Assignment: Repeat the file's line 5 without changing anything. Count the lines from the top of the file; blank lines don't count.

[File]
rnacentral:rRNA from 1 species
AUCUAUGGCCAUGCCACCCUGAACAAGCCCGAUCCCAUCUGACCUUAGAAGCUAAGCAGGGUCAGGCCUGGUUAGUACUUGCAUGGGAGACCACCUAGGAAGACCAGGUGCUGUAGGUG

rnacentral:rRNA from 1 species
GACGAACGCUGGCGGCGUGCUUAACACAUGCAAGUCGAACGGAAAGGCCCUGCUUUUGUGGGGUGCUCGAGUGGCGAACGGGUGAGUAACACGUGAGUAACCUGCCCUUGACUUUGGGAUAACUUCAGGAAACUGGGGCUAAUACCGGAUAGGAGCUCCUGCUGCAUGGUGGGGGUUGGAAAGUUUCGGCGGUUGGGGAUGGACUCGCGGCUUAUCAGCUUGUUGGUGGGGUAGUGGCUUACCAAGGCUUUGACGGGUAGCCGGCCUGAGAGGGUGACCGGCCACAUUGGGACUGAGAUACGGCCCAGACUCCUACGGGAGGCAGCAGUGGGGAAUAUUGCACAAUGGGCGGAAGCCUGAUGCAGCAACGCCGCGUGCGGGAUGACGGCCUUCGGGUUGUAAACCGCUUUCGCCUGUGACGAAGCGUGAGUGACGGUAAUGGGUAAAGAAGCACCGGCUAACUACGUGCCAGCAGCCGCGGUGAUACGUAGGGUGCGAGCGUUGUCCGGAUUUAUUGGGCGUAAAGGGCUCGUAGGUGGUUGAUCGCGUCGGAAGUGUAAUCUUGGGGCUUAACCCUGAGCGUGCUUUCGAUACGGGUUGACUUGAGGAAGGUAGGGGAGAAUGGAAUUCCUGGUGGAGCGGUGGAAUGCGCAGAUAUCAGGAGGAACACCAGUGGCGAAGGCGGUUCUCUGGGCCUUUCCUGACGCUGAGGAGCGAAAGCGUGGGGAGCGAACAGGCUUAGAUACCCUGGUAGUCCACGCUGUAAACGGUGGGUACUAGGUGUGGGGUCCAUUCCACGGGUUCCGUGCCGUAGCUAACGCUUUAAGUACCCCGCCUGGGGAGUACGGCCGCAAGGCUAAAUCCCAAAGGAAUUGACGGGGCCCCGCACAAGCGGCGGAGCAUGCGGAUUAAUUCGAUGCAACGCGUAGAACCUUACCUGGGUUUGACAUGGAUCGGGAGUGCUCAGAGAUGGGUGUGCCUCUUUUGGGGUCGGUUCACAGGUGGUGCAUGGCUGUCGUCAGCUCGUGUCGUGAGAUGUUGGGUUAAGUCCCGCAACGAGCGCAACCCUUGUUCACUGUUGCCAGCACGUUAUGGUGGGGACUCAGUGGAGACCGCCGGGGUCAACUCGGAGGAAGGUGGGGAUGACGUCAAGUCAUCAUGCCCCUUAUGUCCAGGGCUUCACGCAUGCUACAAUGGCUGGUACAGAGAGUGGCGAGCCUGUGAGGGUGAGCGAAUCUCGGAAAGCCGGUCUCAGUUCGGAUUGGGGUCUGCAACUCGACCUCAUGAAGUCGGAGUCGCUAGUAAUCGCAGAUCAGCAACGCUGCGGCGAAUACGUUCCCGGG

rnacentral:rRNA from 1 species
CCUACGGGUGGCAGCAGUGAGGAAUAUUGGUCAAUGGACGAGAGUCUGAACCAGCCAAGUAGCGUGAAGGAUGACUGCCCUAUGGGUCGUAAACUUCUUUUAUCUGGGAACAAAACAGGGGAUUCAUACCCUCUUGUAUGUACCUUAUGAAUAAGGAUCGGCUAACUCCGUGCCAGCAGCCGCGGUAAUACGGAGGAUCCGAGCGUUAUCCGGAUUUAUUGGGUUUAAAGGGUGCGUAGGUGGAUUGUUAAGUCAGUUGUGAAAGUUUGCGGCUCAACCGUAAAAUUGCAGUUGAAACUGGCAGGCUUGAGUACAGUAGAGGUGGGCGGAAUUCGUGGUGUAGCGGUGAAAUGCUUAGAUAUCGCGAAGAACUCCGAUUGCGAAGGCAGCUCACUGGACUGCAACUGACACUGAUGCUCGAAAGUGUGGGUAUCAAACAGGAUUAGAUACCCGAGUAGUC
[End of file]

rnacentral:rRNA from 1 species